OWS could be worse: It could be a Democratic special interest group

But there’s a sense in which the pipeline protesters and Midwestern unions are exactly the people that the O.W.S. crowd should not learn from, if they aspire to appeal to a wider audience than left-wing activists usually reach.

Yes, Occupy Wall Street was dreamed up in part by flakes and populated in part by fantasists. But to the extent that the movement briefly captured the public’s imagination, it was because it seemed to be doing what a decent left would exist to do: criticizing entrenched power, championing the common good and speaking for the many rather than the few.

The union rallies and the Keystone demonstrations, by contrast, represented what you might call the decadent left, which fights for narrow interest groups rather than for the public as a whole.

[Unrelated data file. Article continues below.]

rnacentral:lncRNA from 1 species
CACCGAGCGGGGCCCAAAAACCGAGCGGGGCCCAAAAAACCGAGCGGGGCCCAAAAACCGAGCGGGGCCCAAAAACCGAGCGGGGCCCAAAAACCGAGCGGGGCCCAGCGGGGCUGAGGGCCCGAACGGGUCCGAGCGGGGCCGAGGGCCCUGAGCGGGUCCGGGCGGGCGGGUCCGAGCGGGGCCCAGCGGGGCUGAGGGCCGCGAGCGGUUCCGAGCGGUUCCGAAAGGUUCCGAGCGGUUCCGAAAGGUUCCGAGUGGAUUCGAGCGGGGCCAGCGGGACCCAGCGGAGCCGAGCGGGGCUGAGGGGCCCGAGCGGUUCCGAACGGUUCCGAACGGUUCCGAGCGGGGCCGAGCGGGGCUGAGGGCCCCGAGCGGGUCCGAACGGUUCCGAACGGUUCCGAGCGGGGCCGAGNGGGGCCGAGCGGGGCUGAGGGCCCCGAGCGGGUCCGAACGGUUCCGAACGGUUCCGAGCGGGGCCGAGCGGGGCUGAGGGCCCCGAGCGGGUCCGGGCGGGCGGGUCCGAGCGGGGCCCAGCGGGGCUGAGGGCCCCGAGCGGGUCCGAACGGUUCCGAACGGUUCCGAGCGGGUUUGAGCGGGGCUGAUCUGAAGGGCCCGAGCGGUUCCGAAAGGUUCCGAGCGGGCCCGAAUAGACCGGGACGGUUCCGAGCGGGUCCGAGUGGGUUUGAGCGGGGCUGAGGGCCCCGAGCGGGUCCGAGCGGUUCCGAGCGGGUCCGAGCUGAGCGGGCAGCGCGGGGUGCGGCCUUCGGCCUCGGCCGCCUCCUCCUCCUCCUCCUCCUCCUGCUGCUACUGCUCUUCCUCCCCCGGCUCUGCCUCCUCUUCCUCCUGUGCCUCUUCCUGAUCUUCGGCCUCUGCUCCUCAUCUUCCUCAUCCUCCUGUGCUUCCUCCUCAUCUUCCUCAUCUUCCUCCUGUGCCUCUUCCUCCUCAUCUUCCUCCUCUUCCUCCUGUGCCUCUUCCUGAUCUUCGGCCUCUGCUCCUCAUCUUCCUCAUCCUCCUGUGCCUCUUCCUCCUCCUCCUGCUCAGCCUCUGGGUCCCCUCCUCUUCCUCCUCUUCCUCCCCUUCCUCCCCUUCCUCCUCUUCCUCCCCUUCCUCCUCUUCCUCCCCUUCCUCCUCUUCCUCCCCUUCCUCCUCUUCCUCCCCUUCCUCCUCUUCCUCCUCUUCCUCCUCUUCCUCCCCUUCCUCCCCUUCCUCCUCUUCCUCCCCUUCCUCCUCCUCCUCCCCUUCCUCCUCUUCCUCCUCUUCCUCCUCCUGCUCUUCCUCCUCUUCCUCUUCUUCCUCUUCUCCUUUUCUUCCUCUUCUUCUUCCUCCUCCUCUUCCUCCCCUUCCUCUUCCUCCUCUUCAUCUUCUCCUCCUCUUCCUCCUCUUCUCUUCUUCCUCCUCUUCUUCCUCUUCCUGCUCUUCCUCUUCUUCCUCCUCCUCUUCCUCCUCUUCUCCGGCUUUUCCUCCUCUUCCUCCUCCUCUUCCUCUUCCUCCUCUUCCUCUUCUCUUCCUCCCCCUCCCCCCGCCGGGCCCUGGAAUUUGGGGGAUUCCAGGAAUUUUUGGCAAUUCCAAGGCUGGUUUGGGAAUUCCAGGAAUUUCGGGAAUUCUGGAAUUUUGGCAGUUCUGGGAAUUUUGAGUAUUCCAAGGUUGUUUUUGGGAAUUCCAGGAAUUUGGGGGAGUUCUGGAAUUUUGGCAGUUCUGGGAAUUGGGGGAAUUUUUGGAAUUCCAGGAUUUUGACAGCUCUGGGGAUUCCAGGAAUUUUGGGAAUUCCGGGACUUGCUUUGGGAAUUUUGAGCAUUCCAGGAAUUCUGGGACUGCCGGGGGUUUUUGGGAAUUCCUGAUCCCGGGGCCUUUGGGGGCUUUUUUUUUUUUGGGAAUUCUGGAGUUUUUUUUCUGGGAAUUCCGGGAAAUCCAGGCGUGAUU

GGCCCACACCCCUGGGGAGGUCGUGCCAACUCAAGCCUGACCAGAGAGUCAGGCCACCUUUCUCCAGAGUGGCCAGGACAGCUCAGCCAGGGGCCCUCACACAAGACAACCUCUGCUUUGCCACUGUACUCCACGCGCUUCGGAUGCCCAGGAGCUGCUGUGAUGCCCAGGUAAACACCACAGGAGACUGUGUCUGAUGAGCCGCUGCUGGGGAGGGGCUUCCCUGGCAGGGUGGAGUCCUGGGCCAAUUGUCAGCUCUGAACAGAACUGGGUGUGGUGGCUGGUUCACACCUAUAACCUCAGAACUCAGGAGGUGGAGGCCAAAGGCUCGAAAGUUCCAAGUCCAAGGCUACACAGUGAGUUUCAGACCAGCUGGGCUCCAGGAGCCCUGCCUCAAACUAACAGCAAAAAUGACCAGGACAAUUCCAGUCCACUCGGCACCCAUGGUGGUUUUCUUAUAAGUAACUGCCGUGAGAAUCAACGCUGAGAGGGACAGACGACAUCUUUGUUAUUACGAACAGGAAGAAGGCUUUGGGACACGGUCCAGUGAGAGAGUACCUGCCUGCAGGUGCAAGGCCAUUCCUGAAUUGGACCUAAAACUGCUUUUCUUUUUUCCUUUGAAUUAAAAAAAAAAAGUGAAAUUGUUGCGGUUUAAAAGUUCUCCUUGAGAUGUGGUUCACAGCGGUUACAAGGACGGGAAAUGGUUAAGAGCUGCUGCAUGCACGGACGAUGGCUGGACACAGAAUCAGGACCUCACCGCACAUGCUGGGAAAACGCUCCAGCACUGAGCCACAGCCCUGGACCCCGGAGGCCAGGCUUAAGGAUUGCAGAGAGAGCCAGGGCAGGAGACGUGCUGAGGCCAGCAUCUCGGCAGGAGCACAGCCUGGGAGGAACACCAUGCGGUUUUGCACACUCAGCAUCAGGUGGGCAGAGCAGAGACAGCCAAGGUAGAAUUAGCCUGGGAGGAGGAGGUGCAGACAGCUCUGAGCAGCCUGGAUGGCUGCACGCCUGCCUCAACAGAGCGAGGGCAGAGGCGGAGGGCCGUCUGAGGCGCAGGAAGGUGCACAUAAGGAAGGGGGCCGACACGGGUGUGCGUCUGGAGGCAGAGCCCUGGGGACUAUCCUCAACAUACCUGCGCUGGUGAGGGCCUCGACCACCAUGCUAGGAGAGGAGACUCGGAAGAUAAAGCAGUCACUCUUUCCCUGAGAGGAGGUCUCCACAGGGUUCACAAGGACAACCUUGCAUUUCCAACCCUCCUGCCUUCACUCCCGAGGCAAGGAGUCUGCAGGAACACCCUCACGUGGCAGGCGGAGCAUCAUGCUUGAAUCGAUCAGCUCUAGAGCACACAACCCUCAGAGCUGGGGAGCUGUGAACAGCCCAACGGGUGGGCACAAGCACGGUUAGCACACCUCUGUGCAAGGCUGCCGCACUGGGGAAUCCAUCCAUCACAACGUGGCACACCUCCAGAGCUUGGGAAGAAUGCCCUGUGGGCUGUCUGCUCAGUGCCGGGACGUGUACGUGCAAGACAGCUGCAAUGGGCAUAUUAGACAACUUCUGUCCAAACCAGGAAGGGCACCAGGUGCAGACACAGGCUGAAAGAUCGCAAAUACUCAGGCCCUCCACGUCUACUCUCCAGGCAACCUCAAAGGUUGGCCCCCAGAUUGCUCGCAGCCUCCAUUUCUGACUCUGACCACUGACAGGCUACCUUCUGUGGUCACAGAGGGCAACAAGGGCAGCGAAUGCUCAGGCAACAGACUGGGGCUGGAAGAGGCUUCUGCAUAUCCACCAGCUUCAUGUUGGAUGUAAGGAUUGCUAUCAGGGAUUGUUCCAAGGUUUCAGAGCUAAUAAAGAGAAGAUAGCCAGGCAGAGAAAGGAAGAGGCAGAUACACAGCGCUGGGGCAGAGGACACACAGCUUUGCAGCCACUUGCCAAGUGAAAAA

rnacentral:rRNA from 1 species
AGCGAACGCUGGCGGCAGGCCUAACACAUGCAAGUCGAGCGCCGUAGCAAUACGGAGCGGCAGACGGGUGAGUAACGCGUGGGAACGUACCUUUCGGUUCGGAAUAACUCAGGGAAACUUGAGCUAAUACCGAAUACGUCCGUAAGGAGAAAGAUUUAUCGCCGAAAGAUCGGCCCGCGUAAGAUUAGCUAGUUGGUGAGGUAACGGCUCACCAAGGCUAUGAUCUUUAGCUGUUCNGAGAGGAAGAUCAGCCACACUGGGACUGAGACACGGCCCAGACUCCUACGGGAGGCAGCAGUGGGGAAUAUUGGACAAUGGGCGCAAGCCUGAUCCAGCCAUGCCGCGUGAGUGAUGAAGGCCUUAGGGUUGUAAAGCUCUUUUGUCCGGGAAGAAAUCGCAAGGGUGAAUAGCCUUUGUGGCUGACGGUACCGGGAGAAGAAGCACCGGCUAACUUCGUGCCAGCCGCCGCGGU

The Wisconsin protests didn’t defend American workers’ right to bargain for their fair share of company profits, as traditional union protests have. They defended government employees’ right to negotiate with elected officials over the division of taxpayer dollars — a recipe for profligacy that even liberal icons like Franklin Roosevelt and the A.F.L.-C.I.O.’s George Meany once opposed.